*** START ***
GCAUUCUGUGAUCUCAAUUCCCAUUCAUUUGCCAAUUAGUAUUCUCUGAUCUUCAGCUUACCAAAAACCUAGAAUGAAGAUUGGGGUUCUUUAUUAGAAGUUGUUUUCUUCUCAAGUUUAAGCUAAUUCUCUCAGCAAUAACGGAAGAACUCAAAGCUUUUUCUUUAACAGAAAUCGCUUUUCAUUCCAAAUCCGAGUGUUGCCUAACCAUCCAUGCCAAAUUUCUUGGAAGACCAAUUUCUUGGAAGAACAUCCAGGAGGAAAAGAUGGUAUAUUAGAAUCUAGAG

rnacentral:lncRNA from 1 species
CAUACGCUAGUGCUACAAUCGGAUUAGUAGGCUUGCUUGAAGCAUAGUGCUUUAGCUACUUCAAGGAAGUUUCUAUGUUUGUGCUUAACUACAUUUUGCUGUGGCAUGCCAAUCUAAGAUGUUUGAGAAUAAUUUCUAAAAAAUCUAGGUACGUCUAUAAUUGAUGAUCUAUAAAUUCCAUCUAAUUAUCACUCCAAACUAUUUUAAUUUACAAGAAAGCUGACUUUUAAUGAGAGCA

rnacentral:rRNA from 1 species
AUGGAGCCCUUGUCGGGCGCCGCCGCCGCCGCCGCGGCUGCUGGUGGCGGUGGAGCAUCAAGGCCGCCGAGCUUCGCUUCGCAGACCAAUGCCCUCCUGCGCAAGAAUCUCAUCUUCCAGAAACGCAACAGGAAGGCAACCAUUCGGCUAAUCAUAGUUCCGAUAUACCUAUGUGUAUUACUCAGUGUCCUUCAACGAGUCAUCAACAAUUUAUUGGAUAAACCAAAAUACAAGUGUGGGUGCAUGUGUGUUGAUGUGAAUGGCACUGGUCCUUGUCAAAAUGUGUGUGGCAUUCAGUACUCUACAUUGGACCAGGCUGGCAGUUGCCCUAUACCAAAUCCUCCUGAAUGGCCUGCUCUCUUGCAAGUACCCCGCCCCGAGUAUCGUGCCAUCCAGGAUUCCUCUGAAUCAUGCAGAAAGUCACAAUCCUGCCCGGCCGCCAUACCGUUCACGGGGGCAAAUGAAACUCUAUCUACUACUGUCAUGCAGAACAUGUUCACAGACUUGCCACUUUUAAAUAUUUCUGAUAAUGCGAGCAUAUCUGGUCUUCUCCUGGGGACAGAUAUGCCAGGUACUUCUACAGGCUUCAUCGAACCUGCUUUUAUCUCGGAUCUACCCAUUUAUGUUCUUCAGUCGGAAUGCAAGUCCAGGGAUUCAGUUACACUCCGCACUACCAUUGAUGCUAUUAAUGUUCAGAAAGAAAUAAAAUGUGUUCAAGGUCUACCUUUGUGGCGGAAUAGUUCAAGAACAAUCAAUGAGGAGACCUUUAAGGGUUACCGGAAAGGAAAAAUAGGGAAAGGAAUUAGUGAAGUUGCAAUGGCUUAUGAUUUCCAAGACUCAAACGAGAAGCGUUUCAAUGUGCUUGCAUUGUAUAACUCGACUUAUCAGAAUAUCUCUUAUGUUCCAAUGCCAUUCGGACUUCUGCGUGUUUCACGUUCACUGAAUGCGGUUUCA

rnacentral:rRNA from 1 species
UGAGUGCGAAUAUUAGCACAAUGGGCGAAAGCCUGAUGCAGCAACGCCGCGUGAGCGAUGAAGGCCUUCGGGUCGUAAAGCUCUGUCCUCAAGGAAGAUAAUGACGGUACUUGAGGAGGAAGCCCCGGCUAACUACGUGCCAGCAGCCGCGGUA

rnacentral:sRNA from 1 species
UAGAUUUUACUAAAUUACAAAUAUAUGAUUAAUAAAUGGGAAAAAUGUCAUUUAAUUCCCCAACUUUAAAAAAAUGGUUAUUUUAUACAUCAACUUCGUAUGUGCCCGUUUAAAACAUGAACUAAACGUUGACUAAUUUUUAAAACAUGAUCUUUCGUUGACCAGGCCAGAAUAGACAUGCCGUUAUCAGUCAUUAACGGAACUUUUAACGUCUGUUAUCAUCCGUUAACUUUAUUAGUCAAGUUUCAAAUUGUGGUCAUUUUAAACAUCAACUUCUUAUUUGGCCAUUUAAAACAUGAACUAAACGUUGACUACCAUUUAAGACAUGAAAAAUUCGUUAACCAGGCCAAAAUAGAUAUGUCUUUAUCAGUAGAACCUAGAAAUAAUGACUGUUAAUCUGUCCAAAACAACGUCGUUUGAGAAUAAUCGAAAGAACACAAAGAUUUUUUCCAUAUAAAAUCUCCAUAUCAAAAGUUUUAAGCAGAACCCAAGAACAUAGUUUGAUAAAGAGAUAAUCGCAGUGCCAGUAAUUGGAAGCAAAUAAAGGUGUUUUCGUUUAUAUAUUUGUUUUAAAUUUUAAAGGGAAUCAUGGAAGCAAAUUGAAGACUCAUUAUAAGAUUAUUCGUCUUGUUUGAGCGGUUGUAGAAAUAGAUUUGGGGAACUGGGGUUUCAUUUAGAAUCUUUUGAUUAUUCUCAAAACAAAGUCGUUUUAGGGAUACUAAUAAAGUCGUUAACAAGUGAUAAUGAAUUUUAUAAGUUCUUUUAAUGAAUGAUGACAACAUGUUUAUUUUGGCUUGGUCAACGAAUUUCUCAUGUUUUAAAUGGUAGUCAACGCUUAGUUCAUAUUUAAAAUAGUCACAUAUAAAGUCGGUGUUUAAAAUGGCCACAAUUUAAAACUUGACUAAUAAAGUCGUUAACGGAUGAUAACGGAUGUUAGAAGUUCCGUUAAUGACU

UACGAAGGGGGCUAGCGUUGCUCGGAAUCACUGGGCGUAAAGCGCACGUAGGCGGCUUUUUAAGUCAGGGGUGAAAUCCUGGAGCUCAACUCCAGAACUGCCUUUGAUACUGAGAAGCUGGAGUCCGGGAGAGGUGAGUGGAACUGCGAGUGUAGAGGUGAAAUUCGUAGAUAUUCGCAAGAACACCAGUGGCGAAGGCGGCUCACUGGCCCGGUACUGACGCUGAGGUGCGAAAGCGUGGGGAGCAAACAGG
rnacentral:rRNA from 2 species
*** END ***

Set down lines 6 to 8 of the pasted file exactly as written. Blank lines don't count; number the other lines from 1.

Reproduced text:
rnacentral:rRNA from 1 species
UGAGUGCGAAUAUUAGCACAAUGGGCGAAAGCCUGAUGCAGCAACGCCGCGUGAGCGAUGAAGGCCUUCGGGUCGUAAAGCUCUGUCCUCAAGGAAGAUAAUGACGGUACUUGAGGAGGAAGCCCCGGCUAACUACGUGCCAGCAGCCGCGGUA

rnacentral:sRNA from 1 species